Ferrari’s Charles Leclerc, who seemed to be cantering to a win, had his hopes dashed on Lap 27 when his engine gave away and he had to retire. With Leclerc retiring, Verstappen sensed an opportunity to take the win and immediately came in for a pit stop to attack Mercedes on a fresher set of tyres. His teammate Sergio Pérez continued the Red Bull charge on Russell, who was desperately trying to hold on the first place with a much slower car than the ones behind him. Pérez managed to pip Russell on Lap 31 and took the race lead, while Verstappen stormed through behind them.
Lap 32 saw the second retirement of the race as Alfa Romeo’s Guanyu Zhou suffered a technical issue that saw the Chinese rookie’s race end prematurely.
Russell came into the pits on Lap 36, while race leader Sergio Pérez was called in two laps after him. This meant Verstappen took the lead of the race and was now looking to build a gap to the rest, though he did come in for what would be his final pit stop on Lap 44 and had enough of a gap ahead to come out in P2, ahead of Russell and behind his teammate Pérez.
Meanwhile, Russell’s teammate Lewis Hamilton, who had fallen right to the back of the field earlier in the race, was putting together a stunning comeback drive. By Lap 46, the seven-time World Champion had overtaken Esteban Ocon for P5.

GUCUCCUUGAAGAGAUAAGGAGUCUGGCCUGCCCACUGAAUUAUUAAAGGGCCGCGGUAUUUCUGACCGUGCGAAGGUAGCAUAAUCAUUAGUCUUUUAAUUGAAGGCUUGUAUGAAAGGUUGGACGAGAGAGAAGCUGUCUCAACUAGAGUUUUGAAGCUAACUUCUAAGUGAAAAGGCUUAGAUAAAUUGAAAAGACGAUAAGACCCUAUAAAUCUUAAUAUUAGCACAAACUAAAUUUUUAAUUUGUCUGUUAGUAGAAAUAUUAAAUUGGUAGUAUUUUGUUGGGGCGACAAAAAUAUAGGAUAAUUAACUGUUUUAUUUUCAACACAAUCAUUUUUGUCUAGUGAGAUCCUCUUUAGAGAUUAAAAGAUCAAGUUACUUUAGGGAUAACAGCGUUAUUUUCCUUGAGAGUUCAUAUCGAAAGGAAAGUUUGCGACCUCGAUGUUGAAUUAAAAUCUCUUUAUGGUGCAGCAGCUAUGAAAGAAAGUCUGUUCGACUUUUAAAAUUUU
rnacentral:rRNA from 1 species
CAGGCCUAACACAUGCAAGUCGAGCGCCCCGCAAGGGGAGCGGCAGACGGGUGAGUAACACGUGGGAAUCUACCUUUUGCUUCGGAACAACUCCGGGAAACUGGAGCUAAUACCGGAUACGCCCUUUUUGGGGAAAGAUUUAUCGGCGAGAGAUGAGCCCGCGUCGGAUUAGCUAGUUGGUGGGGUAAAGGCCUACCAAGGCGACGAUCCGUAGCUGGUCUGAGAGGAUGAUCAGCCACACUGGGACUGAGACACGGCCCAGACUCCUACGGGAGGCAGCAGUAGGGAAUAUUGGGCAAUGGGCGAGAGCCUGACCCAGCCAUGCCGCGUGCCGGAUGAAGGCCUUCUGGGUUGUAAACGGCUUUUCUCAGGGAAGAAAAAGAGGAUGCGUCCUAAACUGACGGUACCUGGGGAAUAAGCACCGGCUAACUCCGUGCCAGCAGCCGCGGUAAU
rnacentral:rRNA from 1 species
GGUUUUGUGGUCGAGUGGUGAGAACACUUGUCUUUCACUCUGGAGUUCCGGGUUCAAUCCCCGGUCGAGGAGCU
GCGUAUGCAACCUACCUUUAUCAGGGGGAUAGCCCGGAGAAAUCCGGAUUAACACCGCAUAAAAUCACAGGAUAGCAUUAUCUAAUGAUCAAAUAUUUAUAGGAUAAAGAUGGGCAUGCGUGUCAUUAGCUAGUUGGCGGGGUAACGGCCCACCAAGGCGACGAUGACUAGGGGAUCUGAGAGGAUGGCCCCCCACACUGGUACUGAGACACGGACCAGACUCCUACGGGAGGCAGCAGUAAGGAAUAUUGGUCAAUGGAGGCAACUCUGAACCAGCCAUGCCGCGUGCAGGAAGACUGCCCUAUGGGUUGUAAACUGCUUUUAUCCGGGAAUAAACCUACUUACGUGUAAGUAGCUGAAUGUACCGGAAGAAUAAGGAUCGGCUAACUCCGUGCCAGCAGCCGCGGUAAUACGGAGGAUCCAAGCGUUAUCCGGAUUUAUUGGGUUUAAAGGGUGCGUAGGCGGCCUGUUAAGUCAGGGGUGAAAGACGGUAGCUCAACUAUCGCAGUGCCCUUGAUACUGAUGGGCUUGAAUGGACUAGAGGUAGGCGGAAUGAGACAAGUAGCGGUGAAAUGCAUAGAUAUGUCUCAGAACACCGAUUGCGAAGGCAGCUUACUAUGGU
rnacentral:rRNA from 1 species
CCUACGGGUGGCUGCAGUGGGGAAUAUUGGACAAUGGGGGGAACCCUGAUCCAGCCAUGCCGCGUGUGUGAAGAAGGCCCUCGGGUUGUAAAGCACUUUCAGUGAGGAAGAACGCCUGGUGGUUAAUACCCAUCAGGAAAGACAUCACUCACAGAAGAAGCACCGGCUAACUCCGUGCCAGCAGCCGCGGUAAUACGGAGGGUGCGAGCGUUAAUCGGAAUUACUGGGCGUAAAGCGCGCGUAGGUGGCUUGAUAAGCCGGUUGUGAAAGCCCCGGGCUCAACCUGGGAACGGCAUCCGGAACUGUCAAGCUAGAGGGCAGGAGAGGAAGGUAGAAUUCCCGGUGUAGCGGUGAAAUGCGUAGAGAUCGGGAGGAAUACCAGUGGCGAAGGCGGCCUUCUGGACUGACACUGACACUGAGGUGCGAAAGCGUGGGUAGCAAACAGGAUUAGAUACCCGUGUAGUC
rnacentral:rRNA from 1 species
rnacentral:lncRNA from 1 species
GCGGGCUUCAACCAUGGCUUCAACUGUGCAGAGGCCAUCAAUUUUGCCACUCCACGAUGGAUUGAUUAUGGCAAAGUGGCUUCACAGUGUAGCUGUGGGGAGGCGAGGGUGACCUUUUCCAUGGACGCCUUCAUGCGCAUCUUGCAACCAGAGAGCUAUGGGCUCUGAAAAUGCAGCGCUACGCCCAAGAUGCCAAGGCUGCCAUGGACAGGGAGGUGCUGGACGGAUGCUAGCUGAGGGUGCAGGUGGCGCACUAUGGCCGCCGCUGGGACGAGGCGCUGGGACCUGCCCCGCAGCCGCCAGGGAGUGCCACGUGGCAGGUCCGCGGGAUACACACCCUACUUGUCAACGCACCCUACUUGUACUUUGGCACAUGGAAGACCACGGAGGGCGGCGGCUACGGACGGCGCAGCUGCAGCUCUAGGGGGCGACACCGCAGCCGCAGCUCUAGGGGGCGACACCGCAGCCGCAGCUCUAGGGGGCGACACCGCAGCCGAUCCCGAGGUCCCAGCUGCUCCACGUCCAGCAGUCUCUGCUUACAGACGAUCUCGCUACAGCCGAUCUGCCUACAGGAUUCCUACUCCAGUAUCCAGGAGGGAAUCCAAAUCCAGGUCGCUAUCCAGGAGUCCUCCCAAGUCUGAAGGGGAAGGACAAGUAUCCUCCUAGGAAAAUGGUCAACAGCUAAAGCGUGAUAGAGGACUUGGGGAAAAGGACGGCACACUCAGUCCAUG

Verstappen re-took the lead of the race on Lap 49 as Pérez let him through after his team informed him that on fresher tyres the Dutchman was clearly the quicker one. Russell came in for his third stop and rejoined in P4 behind the former Mercedes driver Valtteri Bottas, but he wasted no time in taking back the final podium place. Hamilton, meanwhile, continued his charge through the field, and on Lap 60, the veteran breezed past the only remaining Ferrari of Carlos Sainz to take P4. However, just as the third- and fourth-place finishes were starting to look likely for Mercedes, the team informed both Russell and Hamilton of a technical issue which meant that the latter had to slow down, which saw Sainz retake P4.
Up ahead, Verstappen had a relatively easy end to an eventful race that saw him take the chequered flag and win once again in Spain, the venue where he scored his first-ever Formula One win.
After suffering two DNFs in the opening three races, Verstappen has not only bounced back in spectacular fashion but has now won every race of the season that he has finished. He now takes the championship lead for the first time in the season and will hope that he can build on this as he prepares to defend the title.
For Leclerc, even though he suffered a DNF, there were plenty of positives to take from Spain, especially his pace; barring any reliability issues, Ferrari should bounce back.
Up next is the iconic Monaco Grand Prix, which has not been a happy hunting ground for Leclerc, the home hero, who interestingly has never finished a race in the Principality. Will he be able to break his Monaco curse and take his first-ever win in the street of his hometown, or will the Verstappen dominance continue? It’s all to race for in a week’s time.